Basketball

Notebook: Ejim to tie starts record; Nianging & more

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Iowa State’s run to a Big 12 Tournament championship greatly increased Melvin Ejim’s chances to break the school’s all-time starts record.

After already notching three postseason starts this year, Ejim now sits at 123, which puts him in a tie for second with his head coach, Fred Hoiberg. That means that if Ejim starts Friday night’s NCAA Tournament second-round game vs. NC-Central (8:50 on TNT), he will tie Jeff Grayer for Iowa State’s record. Should the third-seeded Cyclones defeat the Eagles, Ejim would break Iowa State’s all-time starts record on Sunday vs. either North Carolina or Providence.

Playing in San Antonio

For some college teams, playing in postseason (NBA) venues like San Antonio’s AT&T Center can be intimidating. Hoiberg doesn’t expect this to be a problem for his Cyclones though. Thank the Big 12 Tournament for that.

“We just played basically in an NBA building in the Sprint Center with the background and the way that it is set up,” Hoiberg said. “It’s a pretty similar building actually to the Spurs arena. It’s a great city. I know that our fans will be down there and looking forward to it.”

After Iowa State was selected for its third-straight NCAA Tournament on Sunday, Hoiberg seemed relieved that the Cyclones, who played three games in three days last week, drew one of the last games of the NCAA Tournament’s second-round late Friday evening.

“It gives you an extra day,” Hoiberg said. “You prepare yourself for this time of year. Going back to our summer workouts, everything that these guys have done together through open gyms and workouts. It is really an awesome opportunity for us.”

Nianging

Everybody is doing it. Anymore, you ain’t cool unless you’re “Nianging.”

Before, during and after Saturday’s Big 12 Tournament Championship Game, thousands of Iowa State fans wore Band-Aids over their right eyes in honor of Georges Niang, who had to receive five stitches after taking an elbow late in Friday’s victory over KU.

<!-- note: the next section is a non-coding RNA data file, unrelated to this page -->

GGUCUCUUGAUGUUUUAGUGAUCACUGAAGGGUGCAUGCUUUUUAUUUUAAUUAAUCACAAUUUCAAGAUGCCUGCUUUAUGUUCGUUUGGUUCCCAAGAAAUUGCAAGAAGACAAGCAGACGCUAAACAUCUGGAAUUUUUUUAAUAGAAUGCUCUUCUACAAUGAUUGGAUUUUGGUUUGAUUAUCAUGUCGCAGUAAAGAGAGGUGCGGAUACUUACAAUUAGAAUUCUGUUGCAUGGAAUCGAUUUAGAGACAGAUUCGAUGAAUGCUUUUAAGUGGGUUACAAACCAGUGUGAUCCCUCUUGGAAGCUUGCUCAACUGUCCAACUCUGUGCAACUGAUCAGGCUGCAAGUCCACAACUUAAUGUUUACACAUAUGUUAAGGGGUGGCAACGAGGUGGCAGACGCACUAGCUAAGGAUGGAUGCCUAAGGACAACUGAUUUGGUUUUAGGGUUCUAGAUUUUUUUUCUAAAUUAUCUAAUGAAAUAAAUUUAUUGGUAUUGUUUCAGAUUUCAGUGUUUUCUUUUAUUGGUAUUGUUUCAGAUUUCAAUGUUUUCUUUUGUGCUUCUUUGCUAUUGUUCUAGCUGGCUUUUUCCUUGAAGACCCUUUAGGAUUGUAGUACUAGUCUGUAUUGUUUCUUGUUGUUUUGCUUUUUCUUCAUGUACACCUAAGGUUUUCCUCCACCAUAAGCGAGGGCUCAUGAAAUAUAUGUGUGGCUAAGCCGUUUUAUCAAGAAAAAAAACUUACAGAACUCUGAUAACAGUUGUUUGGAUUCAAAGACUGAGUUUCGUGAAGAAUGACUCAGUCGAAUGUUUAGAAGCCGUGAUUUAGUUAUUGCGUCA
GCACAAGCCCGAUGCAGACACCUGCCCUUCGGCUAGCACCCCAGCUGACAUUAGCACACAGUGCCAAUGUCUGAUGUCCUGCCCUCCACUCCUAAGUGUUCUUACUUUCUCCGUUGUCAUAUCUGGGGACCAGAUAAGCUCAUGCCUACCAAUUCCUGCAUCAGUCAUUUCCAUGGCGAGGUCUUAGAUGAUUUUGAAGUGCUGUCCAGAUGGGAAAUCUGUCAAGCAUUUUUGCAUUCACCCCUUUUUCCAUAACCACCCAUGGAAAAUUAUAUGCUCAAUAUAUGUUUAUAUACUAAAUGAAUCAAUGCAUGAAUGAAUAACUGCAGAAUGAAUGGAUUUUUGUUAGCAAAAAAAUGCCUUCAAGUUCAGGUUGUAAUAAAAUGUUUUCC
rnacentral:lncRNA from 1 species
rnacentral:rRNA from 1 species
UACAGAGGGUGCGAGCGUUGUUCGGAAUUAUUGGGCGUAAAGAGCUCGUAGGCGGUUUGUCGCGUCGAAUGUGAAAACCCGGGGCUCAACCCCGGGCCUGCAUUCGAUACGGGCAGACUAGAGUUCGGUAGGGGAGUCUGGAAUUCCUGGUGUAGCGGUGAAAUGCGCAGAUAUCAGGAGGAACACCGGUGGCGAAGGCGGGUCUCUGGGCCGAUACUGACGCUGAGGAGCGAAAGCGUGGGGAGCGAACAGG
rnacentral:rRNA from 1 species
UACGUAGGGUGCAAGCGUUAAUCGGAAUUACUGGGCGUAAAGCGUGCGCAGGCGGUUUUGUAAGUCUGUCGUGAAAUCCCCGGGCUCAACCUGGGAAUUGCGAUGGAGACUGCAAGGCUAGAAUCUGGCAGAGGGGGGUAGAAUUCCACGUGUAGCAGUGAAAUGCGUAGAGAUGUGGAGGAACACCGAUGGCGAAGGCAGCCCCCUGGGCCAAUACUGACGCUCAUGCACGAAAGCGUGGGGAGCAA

“That’s pretty cool,” Niang joked. “Me and Tim Tebow could get along really well.”

Niang heard about the craze before he took the floor on Saturday night.

“Somebody sent me a picture with a tweet in it and I thought I would re-tweet it,” Niang said. “All of the sudden people were texting me all day. I thought, ‘Oh man, this thing is going viral.’ Then I came into the arena and everybody had a Band-Aid on and they wanted to show me that they had one on. Cyclone Nation is the best. They did a great job of supporting me through an injury.” 

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How to prepare for the Big Dance

Iowa State has been great in its last two NCAA Tournament second-round games, convincing victories over UConn and Notre Dame. What has been the key? I asked two Cyclones.

“We go into it like we do any other team,” Melvin Ejim said. “We watch film. We go over their plays. We do a lot of stuff and I’m sure once we get down there, we will do things outside of the gym. There will be scouting reports and going over things in the dining room and stuff like that. They will get us ready. They do a great job with it.”

Georges Niang…

“You just have to relax and not let the hype get to you,” Niang said. “The NCAA Tournament is a big deal. You have to just play your game.”

 

Chris Williams

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Chris was hired as Cyclone Fanatic’s publisher in the fall of 2009. He is Iowa State football's postgame show host on the Cyclone Radio Network and can be heard daily from 4-7 on Des Moines' top-rated sports station, 1460 KXnO. Williams, a 2007 graduate of Iowa State’s Greenlee School of Journalism, is the former publisher of the old CycloneNation.com (Scout.com). He has also written for the Des Moines Register, the Ames Tribune, CycloneReport.com and is the former sports director at KMA Radio. When Williams isn’t working, you can usually find him doing something outdoors with his wife Ashley, daughter Camryn, and Golden Retriever Dierks. He enjoys golfing, boating, country music, the Minnesota Vikings, Atlanta Braves and is passionate about any and all motor sports so finding Williams at a local dirt track is very common.